Russia’s unprecedented intervention in the United States election came amid more than United States-Russia tension and Donald J. Trump’s praise of Vladimir V. Putin, the Russian president. It also coincided with a growing belief, in Moscow, that Russia faced an imminent threat in Hillary Clinton’s candidacy.
Mrs. Clinton is viewed in Moscow as innately hostile to Russia. Widely held conspiracy theories portray her as seeking to foment unrest that will return Russia to the chaos and depression of the 1990s. Even many government technocrats view her with suspicion that at times verges on paranoia.
She referred to these views at an event on Thursday, telling donors that Mr. Putin’s “personal beef” with her had driven Russia’s intervention in the American election.
Mark Galeotti, a Russia expert at the Institute of International Relations, based in Prague, said the Kremlin was consumed by something more urgent than petty revenge: self-preservation.
“It’s not just they didn’t like Clinton, but they actually thought that she represented a threat,” he said, describing Russia’s actions as a matter of “policy, not pique.”
No one factor can fully explain Russia’s decision to hack and pass on Democratic emails, analysts say, and intelligence agencies appear divided on assessing Russian motives. But, in Moscow, fear of Mrs. Clinton has loomed as large or larger than any warmth for Mr. Trump.
Mr. Putin accused Mrs. Clinton of instigating protests against him in late 2011.
“She set the tone for some actors in our country and gave them a signal,” he said, reflecting a widespread view in Moscow that Mrs. Clinton, then secretary of state, had sought to topple Russia’s government.
Mr. Putin returned to the presidency a few months later, appearing to believe that the United States had engineered the Middle East’s descent into chaos and was targeting his country to be next. He put Mrs. Clinton at the center of these plots.
Mrs. Clinton is indeed more hawkish than other Democrats, including toward Russia. In 2008, while a senator, she mocked President George W. Bush’s claim that he had looked into Mr. Putin’s soul.
“I could have told him — he was a K.G.B. agent. By definition, he doesn’t have a soul,” Mrs. Clinton joked. The line is still remembered in Moscow.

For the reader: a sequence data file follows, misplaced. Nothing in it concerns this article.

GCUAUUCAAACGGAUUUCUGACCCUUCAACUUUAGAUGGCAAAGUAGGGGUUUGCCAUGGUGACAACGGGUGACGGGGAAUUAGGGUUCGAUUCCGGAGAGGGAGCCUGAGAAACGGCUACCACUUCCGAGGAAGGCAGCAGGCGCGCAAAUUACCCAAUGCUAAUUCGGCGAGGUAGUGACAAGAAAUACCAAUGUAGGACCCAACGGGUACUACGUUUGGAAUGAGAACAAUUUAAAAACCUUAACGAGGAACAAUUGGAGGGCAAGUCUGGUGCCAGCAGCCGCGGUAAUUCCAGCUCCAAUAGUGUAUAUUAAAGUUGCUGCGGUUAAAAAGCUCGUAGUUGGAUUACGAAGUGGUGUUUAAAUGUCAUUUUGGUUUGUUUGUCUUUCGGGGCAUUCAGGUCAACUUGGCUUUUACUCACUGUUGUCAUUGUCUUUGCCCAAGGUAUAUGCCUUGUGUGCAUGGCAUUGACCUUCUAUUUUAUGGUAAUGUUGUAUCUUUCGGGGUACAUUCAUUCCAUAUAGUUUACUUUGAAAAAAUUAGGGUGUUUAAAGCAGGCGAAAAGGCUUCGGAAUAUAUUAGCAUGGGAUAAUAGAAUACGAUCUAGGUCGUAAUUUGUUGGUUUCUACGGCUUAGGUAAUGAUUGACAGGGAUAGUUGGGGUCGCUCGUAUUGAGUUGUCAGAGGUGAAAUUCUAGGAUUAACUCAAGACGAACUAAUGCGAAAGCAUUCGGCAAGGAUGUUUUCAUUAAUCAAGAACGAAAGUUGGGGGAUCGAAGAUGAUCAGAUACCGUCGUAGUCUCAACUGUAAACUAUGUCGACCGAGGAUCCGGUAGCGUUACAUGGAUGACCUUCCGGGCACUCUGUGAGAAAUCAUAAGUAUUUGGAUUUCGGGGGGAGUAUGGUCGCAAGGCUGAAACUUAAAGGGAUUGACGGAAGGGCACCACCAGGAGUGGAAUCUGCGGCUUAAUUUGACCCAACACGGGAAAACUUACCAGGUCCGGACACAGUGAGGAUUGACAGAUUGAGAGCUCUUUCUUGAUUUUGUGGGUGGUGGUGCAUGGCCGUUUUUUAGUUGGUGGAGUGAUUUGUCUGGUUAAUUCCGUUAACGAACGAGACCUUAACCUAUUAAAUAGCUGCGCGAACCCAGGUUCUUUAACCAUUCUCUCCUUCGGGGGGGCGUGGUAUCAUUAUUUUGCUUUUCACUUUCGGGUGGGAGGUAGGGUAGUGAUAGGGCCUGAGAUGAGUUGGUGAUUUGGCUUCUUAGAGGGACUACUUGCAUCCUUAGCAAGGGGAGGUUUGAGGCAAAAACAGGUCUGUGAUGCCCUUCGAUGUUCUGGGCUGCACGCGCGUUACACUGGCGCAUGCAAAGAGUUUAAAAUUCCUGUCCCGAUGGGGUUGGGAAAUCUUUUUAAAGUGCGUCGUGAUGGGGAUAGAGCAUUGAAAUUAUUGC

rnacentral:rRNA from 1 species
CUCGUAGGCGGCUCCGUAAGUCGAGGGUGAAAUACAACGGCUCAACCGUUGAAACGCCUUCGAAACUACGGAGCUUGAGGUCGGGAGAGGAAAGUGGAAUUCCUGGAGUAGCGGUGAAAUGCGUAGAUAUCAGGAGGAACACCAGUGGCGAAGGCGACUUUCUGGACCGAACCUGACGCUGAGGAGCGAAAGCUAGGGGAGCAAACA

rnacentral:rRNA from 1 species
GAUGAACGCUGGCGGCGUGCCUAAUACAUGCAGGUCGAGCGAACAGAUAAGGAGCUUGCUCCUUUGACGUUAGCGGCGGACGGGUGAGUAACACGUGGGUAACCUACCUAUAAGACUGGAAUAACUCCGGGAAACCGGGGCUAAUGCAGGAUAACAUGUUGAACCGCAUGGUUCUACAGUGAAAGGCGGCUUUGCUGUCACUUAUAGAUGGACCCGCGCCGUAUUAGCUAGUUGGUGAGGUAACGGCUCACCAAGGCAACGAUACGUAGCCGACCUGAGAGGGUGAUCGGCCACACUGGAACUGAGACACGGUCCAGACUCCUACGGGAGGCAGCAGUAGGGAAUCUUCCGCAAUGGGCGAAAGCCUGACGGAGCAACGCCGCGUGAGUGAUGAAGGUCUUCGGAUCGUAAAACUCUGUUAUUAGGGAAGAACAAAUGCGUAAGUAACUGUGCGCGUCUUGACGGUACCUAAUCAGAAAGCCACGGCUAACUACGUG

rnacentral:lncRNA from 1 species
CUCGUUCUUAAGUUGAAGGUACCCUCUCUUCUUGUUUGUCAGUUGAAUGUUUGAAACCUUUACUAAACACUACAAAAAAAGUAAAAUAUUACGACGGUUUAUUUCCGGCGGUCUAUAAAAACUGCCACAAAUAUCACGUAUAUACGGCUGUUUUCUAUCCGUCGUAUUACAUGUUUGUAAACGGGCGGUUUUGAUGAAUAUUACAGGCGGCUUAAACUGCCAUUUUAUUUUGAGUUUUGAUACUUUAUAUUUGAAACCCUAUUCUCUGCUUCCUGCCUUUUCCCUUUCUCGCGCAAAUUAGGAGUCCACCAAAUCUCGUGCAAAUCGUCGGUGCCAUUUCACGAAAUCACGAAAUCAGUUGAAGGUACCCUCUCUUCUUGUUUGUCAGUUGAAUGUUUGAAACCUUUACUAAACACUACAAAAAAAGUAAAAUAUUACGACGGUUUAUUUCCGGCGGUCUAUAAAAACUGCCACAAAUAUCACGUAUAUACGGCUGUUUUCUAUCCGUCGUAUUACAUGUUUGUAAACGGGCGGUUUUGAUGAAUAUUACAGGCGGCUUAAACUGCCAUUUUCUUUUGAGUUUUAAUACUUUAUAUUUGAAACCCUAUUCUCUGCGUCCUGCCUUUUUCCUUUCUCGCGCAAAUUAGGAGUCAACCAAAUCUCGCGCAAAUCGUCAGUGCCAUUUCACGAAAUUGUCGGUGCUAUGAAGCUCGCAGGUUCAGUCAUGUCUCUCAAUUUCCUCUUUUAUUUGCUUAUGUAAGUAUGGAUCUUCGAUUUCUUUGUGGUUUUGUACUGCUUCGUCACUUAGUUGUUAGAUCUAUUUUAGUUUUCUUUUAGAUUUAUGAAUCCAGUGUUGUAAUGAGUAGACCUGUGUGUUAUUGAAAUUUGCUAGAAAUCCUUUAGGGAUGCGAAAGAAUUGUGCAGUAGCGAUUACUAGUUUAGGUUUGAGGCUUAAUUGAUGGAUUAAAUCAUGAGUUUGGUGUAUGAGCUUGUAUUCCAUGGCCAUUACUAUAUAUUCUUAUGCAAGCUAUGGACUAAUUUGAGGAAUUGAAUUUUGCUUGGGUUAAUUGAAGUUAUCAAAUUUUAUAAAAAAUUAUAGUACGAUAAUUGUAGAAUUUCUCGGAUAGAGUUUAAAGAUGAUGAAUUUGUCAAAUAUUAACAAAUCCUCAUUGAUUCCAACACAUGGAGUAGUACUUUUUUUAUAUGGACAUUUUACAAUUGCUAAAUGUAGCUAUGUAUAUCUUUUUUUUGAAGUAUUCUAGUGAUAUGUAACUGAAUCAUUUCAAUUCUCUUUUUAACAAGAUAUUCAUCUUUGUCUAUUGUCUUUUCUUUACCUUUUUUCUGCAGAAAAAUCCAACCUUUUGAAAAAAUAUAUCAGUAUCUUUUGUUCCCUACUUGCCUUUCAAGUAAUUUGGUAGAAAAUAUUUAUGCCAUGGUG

But the Kremlin’s views of Mrs. Clinton go beyond defining her as hawkish. They are also layered with a pre-existing Russian belief that promoting American democracy is a ploy to unseat unfriendly governments, that the United States remains bent on Russia’s destabilization or even destruction, and that there is an American hand behind nearly every Russian misfortune.
These suspicions go back decades. But, since Mrs. Clinton’s tenure as secretary of state, popular telling has cast her as the culprit responsible for America’s misdeeds and, therefore, Russia’s setbacks.
In the summer of 2015, when Russian hacking groups first infiltrated Democratic National Committee servers, I happened to be reporting in Moscow. The American name on everyone’s lips was not Mr. Trump’s, who was already praising Mr. Putin, but rather Mrs. Clinton’s.
Fyodor Lukyanov, a prominent Russian foreign policy commentator, told me at the time that there was a widespread view in his country’s government that Mrs. Clinton, as president, would take “a very hostile approach” toward Russia.
Consensus in Moscow, Mr. Lukyanov said, was that “Hillary is the worst option of any president, maybe worse than any Republican.”
It was conventional wisdom, he added, that Mrs. Clinton considered her husband’s efforts to reform Russia in the 1990s an unfinished project, and that she would seek to finish it by encouraging grass-roots efforts that would culminate with regime change.
This summer, when Russian hacking groups began releasing Democratic emails through third parties such as WikiLeaks, many Americans suspected an effort to help Mr. Trump, who had promised to realign the United States with Russia.
But Mr. Galeotti, the Russian expert, said that, in all his time in Moscow, “I didn’t speak to anyone who thought a Trump presidency was possible.”
Rather, conversation there followed the same polls that dominated the discussion in America, and which all projected a landslide for Mrs. Clinton.
Even as Mr. Putin deemed Mr. Trump “colorful” and suggested they might get along, officials in Moscow “were absolutely working from the assumption that Clinton was going to get it,” Mr. Galeotti said.
This belief may have informed Russia’s actions during the campaign, which a number of analysts still suspect were aimed at weakening, rather then preventing, Mrs. Clinton’s presumedly imminent presidency.
But if Moscow does gain an ally in Mr. Trump, it will lose a foil in Mrs. Clinton — something that has been politically useful for Mr. Putin as his country’s economy has sank and its isolation deepened. (NYT)